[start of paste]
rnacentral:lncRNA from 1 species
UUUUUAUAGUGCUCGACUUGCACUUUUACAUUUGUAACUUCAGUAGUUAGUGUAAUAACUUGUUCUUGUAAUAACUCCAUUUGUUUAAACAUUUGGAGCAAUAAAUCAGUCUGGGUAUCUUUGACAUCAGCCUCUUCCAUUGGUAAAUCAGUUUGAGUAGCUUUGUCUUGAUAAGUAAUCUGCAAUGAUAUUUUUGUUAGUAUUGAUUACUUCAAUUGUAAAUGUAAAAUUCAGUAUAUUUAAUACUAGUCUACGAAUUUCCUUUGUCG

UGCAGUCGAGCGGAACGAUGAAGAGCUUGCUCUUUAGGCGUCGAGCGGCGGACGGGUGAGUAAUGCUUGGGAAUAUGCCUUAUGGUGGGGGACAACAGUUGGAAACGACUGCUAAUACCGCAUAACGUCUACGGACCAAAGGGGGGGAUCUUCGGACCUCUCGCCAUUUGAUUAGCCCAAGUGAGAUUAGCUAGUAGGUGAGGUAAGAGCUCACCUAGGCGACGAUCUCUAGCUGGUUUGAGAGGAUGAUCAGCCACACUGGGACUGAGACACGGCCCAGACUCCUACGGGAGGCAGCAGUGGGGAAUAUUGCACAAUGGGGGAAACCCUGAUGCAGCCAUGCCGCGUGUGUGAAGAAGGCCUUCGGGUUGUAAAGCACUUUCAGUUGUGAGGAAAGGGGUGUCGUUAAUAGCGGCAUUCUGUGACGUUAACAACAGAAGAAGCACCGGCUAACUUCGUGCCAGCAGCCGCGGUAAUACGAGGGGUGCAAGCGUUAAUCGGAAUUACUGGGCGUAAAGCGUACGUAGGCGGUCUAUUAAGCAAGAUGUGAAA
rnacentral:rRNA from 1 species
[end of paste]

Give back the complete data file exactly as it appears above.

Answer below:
rnacentral:lncRNA from 1 species
UUUUUAUAGUGCUCGACUUGCACUUUUACAUUUGUAACUUCAGUAGUUAGUGUAAUAACUUGUUCUUGUAAUAACUCCAUUUGUUUAAACAUUUGGAGCAAUAAAUCAGUCUGGGUAUCUUUGACAUCAGCCUCUUCCAUUGGUAAAUCAGUUUGAGUAGCUUUGUCUUGAUAAGUAAUCUGCAAUGAUAUUUUUGUUAGUAUUGAUUACUUCAAUUGUAAAUGUAAAAUUCAGUAUAUUUAAUACUAGUCUACGAAUUUCCUUUGUCG

UGCAGUCGAGCGGAACGAUGAAGAGCUUGCUCUUUAGGCGUCGAGCGGCGGACGGGUGAGUAAUGCUUGGGAAUAUGCCUUAUGGUGGGGGACAACAGUUGGAAACGACUGCUAAUACCGCAUAACGUCUACGGACCAAAGGGGGGGAUCUUCGGACCUCUCGCCAUUUGAUUAGCCCAAGUGAGAUUAGCUAGUAGGUGAGGUAAGAGCUCACCUAGGCGACGAUCUCUAGCUGGUUUGAGAGGAUGAUCAGCCACACUGGGACUGAGACACGGCCCAGACUCCUACGGGAGGCAGCAGUGGGGAAUAUUGCACAAUGGGGGAAACCCUGAUGCAGCCAUGCCGCGUGUGUGAAGAAGGCCUUCGGGUUGUAAAGCACUUUCAGUUGUGAGGAAAGGGGUGUCGUUAAUAGCGGCAUUCUGUGACGUUAACAACAGAAGAAGCACCGGCUAACUUCGUGCCAGCAGCCGCGGUAAUACGAGGGGUGCAAGCGUUAAUCGGAAUUACUGGGCGUAAAGCGUACGUAGGCGGUCUAUUAAGCAAGAUGUGAAA
rnacentral:rRNA from 1 species